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  • The Tale of Genji: Translation, Canonization, and World Literature by Michael Emmerich
  • Dennis Washburn
The Tale of Genji: Translation, Canonization, and World Literature. By Michael Emmerich. Columbia University Press, 2013. 512 pages. Hardcover $60.00; softcover $30.00.

Translation is, in one sense, mere re-writing—an extreme form of reading that takes the extra step of replacing another’s words with one’s own. This characterization may seem to negatively emphasize the derivative nature of the task, but it also suggests that we should think of the practice of translation in terms of a rigorous hermeneutics. This is the approach taken by Michael Emmerich in his brilliant and ambitious study, which traces the history of the modern re-creation of Genji monogatari (The Tale of Genji) as both a classic of Japanese culture and a canonical work of world literature. His primary theme is not just translations of Genji, or translation per se, but rather Genji as translation. He doesn’t consider translation as just a task unto itself, but as a critical methodology that underpins everything we do as scholars of literature.

A review of this length cannot do justice to the scope of Emmerich’s subject matter, nor to the rich complexity of his work—the depth of the research, the careful qualifications throughout the analysis, the coherence with which the main themes are developed—and must unavoidably involve some foreshortening and distortion. The complexity of the subject is beautifully captured in the structure of the book, in which six main chapters are theoretically and historically framed by a series of intervention: following an introduction, parts 1 and 2, comprising three main chapters each, are headed by sections the author refers to as “touchstones.” In setting up his theoretical scaffolding, Emmerich makes clear that he is reading Genji against common notions of reception, a term he finds too passive, in order to shift our focus away from the misleading presumption that the very notion of a classical text points to some stable underlying original. He asks us instead to think of reception and translation as parts of a process that he describes as “replacing the text” (p. 1 and elsewhere). [End Page 163]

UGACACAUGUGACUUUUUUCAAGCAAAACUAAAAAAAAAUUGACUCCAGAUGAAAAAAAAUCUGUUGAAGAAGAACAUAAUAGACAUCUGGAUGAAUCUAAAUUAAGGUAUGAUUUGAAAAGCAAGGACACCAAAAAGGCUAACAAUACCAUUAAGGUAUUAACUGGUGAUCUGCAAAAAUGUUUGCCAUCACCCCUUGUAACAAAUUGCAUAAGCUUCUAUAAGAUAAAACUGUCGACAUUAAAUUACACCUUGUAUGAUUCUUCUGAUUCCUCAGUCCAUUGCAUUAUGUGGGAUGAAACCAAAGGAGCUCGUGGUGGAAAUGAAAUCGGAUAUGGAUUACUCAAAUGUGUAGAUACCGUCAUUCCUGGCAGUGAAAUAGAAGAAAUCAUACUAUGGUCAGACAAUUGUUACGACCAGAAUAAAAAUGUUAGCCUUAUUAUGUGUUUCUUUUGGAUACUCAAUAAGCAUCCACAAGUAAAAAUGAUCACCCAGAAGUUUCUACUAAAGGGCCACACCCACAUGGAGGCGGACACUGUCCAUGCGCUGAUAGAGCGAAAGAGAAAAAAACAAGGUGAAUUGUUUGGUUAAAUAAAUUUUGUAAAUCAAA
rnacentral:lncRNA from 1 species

Replacement has two senses in this formulation. Interpretations, adaptations, and translations are not simply passive forms of reception, but active appropriations that replace (take the place of) a source text in order to re-place (reposition) the “original” within contemporary sociocultural spheres. Emmerich posits translation as perhaps the “paradigmatic form of replacement” (p. 40), an observation that, in my view, plays in an interesting way with Walter Benjamin’s claim that translation is a means by which other texts survive. The author does not use “text” in an abstract sense (for example, to signify the meanings and images of Genji that we possess in our consciousness as readers), but to refer to the various material forms and objects through which a narrative may be conveyed. Emmerich acknowledges that his own use of various terms like “canonization,” “reception,” and “classic” reflects the destabilizing force of the idea of “replacing the text,” but the move he makes by introducing the concept of “replacement” is an extremely productive way to get us to rethink the cultural status of Genji.

The history of Genji’s canonization occupies much of the book. Chapters 1–3 promote the argument that Ryūtei Tanehiko’s Nise Murasaki inaka Genji (A Fraudulent Murasaki’s Bumpkin Genji, serialized in thirty-eight chapters over the period 1829– 1842) was instrumental in the early modern/modern canonization of Genji. Chapters 4–6 then trace the process by which Genji, a Heian-period text, came to circulate within two cultural spheres: the space of the modern nation, as a text that purportedly represents the particular essence of Japanese culture, and the space represented by the concept of world literature, which presumes the universality of human experience.

The claim for the importance of Inaka Genji to the modern re-creation of Genji rests on the fact that Tanehiko’s work was the first broadly popular replacement for Murasaki Shikibu’s narrative, which was probably not read widely in Heian-period Japanese during the Edo period...


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pp. 163-169
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